Everything goes well during the home visit — Jess keeps it together and only breaks down into cute animal talk when she's alone with Nick. There are only a few questions left to answer, and when they get asked who would care for the dog, should they break up, Nick answers that he would. This sends Jess into a mini-spiral, confronting Nick about whether he plans for them to break up. He's insistent that he just responded without thinking and never wants them to break up, but Jess is already too upset to be reasoned with and even more upset when they get rejected from adopting the cute little dog, Mario.

As they follow adoption lady to the car, Mario escapes and Nick and Jess (and Schmidt and Cece, who were at the loft to have some alone/baby-making time) chase him down to a park. Winston and Aly are there, watching Dirty Dancing when they notice their friends (and a dog) running amok. Finally, Nick catches Mario and holds him while he and Jess chastise the dog for being such a mess of emotions.

And then... it happens. Jess begins to slowly put the pieces together as to why Nick was rushing her to dinner, and why he's been so nervous all night. Nick is clearly a bit upset by how wrong the whole plan went, but Jess corrects him with the sweetest and most beautiful assurance: the proposal is perfect — because it's not perfect. It's just like them, and it would be absurd to think that their story would have that perfect neat little bow when it's taken them messing up to get to each other.

So Nick gets down on his knee, and asks Jess to marry him. She tells him how she wants a future with him — a future filled with kids and adventures and Mario and laughter. And as she says "yes," Dirty Dancing begins to play the "(I've Had) The Time of My Life" scene.

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Remember how that was Jess' go-to break-up movie? Remember how in the pilot episode, we saw her watch it on repeat, totally distraught? And then at the end of that episode, Nick is the one to rush Schmidt and Coach to the restaurant where they begin to sing to her. Dirty Dancing makes a reprise in "Big News," when Jess cries on the couch after her break-up with Nick. But now? Now we have a beautiful, lovely, perfect full circle moment — the movie that once represented the sting of loss now represents the hope of a future with the love of her life.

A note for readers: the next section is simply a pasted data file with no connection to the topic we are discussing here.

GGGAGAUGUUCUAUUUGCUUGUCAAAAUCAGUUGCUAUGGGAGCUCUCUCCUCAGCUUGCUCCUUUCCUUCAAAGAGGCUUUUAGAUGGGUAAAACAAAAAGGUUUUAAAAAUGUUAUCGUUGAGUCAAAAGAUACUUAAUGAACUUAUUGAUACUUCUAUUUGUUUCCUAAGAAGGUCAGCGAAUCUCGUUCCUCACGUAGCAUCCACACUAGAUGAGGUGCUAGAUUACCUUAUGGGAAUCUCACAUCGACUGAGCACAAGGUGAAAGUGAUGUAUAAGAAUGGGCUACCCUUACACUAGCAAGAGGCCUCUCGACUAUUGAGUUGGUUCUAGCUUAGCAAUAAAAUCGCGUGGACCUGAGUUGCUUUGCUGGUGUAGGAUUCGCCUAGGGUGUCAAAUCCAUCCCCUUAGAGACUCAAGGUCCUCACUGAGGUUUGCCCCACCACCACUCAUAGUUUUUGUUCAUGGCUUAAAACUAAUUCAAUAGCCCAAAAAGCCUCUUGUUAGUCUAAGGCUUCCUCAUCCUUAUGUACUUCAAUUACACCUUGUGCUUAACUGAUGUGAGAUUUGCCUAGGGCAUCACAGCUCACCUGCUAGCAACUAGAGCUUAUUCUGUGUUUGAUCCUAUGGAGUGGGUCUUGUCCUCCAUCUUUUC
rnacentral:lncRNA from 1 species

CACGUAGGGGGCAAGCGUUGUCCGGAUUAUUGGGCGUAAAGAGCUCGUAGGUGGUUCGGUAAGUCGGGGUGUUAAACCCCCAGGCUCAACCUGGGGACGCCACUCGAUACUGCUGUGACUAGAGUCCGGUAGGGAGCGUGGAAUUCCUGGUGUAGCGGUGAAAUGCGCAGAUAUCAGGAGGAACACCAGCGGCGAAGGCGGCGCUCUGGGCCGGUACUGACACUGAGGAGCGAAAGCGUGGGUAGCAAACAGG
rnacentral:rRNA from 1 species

I've shipped Nick and Jess for seven years. Jake Johnson and Zooey Deschanel's incredible and fun chemistry made me care about them before the producers and writers ever thought them a possibility. But I knew, in my heart, they'd be endgame. Why? Because they always find a way back to each other. Whether he's chasing after her to comfort her during the loss of her job, or she's looking out for him in Chicago, Nick and Jess can't help but be there for each other. They're best friends, soulmates, and the perfect balancing act.

I've had the time of my life rooting for these two (even though sometimes it's been frustrating, I'll admit), and I can't wait to see how their story concludes in the two-part series finale of New Girl next week.

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And now, bonus points:
  • I love that the episode opens with the boys hanging out together and the girls hanging out together, while the dialogue carries over from each scene. It's delightful writing.
  • "They said my enthusiasm for Harriet bordered on... madness." "I can see that."
  • "Everything's funny when you put an old man in it. ... Except the ground..." I missed that line the first time watching this screener and found myself cackling during it.
  • Pregnant Cece flashbacks had me DYING. Hannah Simone absolutely nailed those scenes and I could not stop laughing.
  • I love the numerous callbacks in this episode to Nick and Jess' story: Bob Day hating Nick, the place they had their first date, back sweat, and Dirty Dancing.
That's it, folks! I mean, we still have two episodes left in the series but this review marks the last of the screeners I've seen. I'm going into the series finale knowing just as much as you all, and I'm kind of excited about it.